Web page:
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Grief touches everyone of us in this life. We must each walk through this valley at some point, or watch our dear ones go through it.

I recently had a friend ask me to write a blog post about what to say to someone going through a life trial. I eagerly set out to do so, but I have come to realize that I am not an authority on what to say when someone grieves. I feel the same loss of words when watching a loved one battle something. We do not live in culture that dictates exactly what garment to wear, whether or not to cry, and how long to cry. Thankfully, we know the One who created man and knows what is in man. He gives us some Biblical principles to guide us:

  1. It is very helpful to know that EVERYONE grieves differently.
    What helps one person may totally offend another. For example, some just need to hear, “I have been there. I know what you are going through.” But if you say this same exact thing to another griever, they cry out, “You have no idea what I am going through! My situation is totally different from anything you have gone through.”Others love to have friends and family surround them with love and support. But try to do surround others grievers with love and support and they ask you to please stop visiting. They need solitude. Some want you to cry with them and others are uncomfortable if you cry.A Biblical example of this is found in John 11. We see two sisters grieving over their brother. These sisters shared a common family, culture, and faith; and yet they handled their grief in two incredibly different ways. I’m so thankful the Lord included this account in His Word for us, because it shows us that He came to both sisters. And so it is with everyone who grieves. No matter how they are handling their grief, the Lord will come to you.

    The other fascinating thing about this story is that the Lord never commends one griever over the other. You do not find Him reprimanding Mary saying, “Why couldn’t you run to me with your grief as your sister did?” Or yet on the other hand reprimanding Martha with, “You should have more peace and sit in the house like Mary knowing I have everything under control.”

    The Lord made us each unique. Rest assured, He understands how you are grieving (Psalm 103:14), and He is touched with what you are feeling (Hebrews 4:15).

  2.  There are some Biblical guidelines we can use to help those going through the valleys of life.
    * Try to match your response to the one grieving (Romans 12:15).  If they need someone to cry with them, do so. If they need someone to laugh about the wonderful memories they have, do that. If they need someone to pray with, pray with them!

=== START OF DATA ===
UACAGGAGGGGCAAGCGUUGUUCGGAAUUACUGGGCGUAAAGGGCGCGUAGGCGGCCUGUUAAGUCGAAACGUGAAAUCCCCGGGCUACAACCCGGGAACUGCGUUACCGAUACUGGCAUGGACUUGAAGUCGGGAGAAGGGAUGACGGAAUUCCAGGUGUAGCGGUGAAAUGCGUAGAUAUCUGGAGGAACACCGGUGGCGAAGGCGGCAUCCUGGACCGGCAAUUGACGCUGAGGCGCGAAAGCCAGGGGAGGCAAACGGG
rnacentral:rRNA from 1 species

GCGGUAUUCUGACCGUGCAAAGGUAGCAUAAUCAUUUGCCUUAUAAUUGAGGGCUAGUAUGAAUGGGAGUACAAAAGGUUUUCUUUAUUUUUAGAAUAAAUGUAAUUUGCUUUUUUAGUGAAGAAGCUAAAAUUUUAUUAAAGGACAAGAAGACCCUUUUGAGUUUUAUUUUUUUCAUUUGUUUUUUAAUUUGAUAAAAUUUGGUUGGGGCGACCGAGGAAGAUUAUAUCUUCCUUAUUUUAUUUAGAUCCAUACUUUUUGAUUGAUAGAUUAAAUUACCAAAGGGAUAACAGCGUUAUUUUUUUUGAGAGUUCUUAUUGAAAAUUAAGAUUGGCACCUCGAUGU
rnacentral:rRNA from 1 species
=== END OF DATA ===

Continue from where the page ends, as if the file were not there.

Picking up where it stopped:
* Comfort with the comfort you have been given (II Corinthians 1:4). This is not to say, “Oh, I’ve been through that,” but “Christ brought me through when …. and I know He will do the same for you.” Reminding them of the victory we have found in Christ encourages them!

    * Pray for them. Don’t just say that you will, stop and bring them before the Lord. It is an incredible thing to feel the strength that comes from God’s people praying for you.* Avoid speaking foolishly (Proverbs 18:13). How you see a person grieving at any exact moment is not the whole picture. Social media has allowed us a more public forum to express our grief, but a griever’s one post is not the width and breadth of their grief. You do not need to write them and tell them they are not grieving enough or they are grieving too much. You are just seeing a snapshot of their grief. If you see them shortly after the tragedy, this principle stays the same. Do not try to commentate on how they are handling a matter.

    This leads me to final observation:

  3. While you cannot control how people choose  to comfort you, you can control your reaction.
    “I shouldn’t have to,” you might think. “I am the one hurting.” In a perfect world this might be true, however, the devil is always looking for an advantage in our life. He wants to add to your pain bitterness, anger, pride, and his other poisons.A hurting person is easily hurt, so recognize that you are more vulnerable and need the Lord’s aid to respond correctly. We can do this by keeping our mind on the Lord and His Word (Isaiah 26:3; Psalm 119:165).Remember that our consolation comes from God. The Comforter is all-sufficient to help you through your grief. If you are placing unrealistic expectations on people to bring you through your grief, you will be disappointed. You can find comfort in people, but they are not the comforter God sent to you. He alone can console you as you need to be comforted. Praise the Lord that He will, if we let Him!
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